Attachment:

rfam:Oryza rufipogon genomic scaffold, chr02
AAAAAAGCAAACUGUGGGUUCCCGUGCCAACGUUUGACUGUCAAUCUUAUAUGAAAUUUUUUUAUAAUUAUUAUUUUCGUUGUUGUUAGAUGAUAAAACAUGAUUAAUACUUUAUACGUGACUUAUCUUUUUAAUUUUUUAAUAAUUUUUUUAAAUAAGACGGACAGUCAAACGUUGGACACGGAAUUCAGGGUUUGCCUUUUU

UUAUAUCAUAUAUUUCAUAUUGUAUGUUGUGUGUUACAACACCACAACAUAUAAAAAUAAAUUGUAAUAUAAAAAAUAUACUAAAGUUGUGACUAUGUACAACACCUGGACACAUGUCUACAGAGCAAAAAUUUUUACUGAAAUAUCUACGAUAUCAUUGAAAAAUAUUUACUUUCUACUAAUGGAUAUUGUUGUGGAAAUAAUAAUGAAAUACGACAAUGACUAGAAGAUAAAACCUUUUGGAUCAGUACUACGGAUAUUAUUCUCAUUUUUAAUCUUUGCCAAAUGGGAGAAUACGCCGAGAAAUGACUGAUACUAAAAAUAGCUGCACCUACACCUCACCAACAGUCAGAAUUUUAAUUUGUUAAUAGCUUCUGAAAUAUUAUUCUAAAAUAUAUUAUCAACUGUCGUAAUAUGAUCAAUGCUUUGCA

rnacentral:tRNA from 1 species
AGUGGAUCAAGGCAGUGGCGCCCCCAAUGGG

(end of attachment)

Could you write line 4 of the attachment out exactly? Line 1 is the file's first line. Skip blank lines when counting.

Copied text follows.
rnacentral:tRNA from 1 species